A second good report came when we were leaving the optometrist's office.  The nurse from my OBGYN office called my cell with the results from a follow-up blood test I'd taken.

Brief history: after the second miscarriage last September, my doctor had had me take a rather extensive series of blood tests to rule out any cause for miscarriage.  

Now, understand that most miscarriages, even subsequent ones, are just due to sad chance.  Not coffee drinking.  Not heredity.  Not God wanting the baby to be in a better place (even though they certainly are).  We are imperfect bodies, living in an imperfect world.  I understand that it's easier for a lot of us to have things like this buoyed up by a deeper meaning behind it all, but sometimes things just aren't.

But I, wanting to do all I could to keep from losing any of our next babies, I took the test.  And in the first round, something was testing out a little higher than it should have been.  It ended up being one of those somethings which was just high enough to make it not quite a negative, but not so high as to be a clear positive.  So my doctor decided to err on the safe side and had me take a mild medication (Baby Aspirin) to offset the potential condition.  He also requested that I retake the test later.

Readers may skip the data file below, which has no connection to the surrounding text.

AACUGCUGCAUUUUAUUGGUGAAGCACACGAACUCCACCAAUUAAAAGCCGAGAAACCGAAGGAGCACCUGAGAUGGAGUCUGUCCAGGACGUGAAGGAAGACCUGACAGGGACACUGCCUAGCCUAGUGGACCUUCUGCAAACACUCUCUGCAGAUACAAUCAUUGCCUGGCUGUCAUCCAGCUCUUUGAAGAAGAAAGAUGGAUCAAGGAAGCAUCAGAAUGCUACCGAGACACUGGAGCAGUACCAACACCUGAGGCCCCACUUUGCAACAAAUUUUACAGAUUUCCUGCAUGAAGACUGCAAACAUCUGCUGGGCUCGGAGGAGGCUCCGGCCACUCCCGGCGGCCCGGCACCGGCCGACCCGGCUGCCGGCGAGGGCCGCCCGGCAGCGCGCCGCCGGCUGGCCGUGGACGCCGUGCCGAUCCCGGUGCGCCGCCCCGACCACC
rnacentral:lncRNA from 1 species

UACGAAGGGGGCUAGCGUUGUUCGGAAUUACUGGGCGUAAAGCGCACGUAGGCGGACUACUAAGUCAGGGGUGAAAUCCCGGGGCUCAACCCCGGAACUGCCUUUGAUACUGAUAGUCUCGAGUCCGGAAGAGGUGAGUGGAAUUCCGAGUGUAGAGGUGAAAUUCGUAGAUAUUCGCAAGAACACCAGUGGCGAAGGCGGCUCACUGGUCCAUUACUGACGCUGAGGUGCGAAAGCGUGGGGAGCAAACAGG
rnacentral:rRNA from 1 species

And here we were.  I had retaken the test.  And now I sat, just outside the optometrist's office where I had been given a much-needed good report, cradling the phone to hear the confirmation of the blood test results.  

Negative.  My results were negative for the condition that could have caused the miscarriages and could affect any future pregnancies.  I did not have the condition.  My blood tests were perfect.  It was a good report.

We got home and all the girls ran to play; the drooly crawler rolled around on my floor, looking for unsuspecting objects to stuff in his mouth.  I went to the bathroom to check out my still-numbed and blurry eyes.  Staring into the mirror, I had to chuckle a bit as the blue of my irises were only barely visible behind the ominously large, black, dilated pupils.  I looked like a hungry vampire.  But my heart was more satisfied than it had been in a very long time.  Sure, the events of the past year were not undone.  The things my family waits on and prays for are still yet to arrive.  But, as I looked back into my black eyes, I knew two very big things had been brought to a very good close.  All the worry, all the tears shed over them were now dried up and left behind.  I was free to move forward, unencumbered.  Without fear.

The turning of the tide: sometimes it comes slowly, but still it comes.


Momae' said...

To him ....He that is able to keep us from falling. We give honor.

Sarah and the Gentlemen said...

I love hearing good reports! We should set up a service that searches out, confirms, then passes along good reports. Kind of like the news... but the opposite since they mainly deal in BAD reports and broadcast to millions (they hope) at once and my service would be more personal. A phone call. A note. A special delivery.

Rebekah said...

This was so good to read.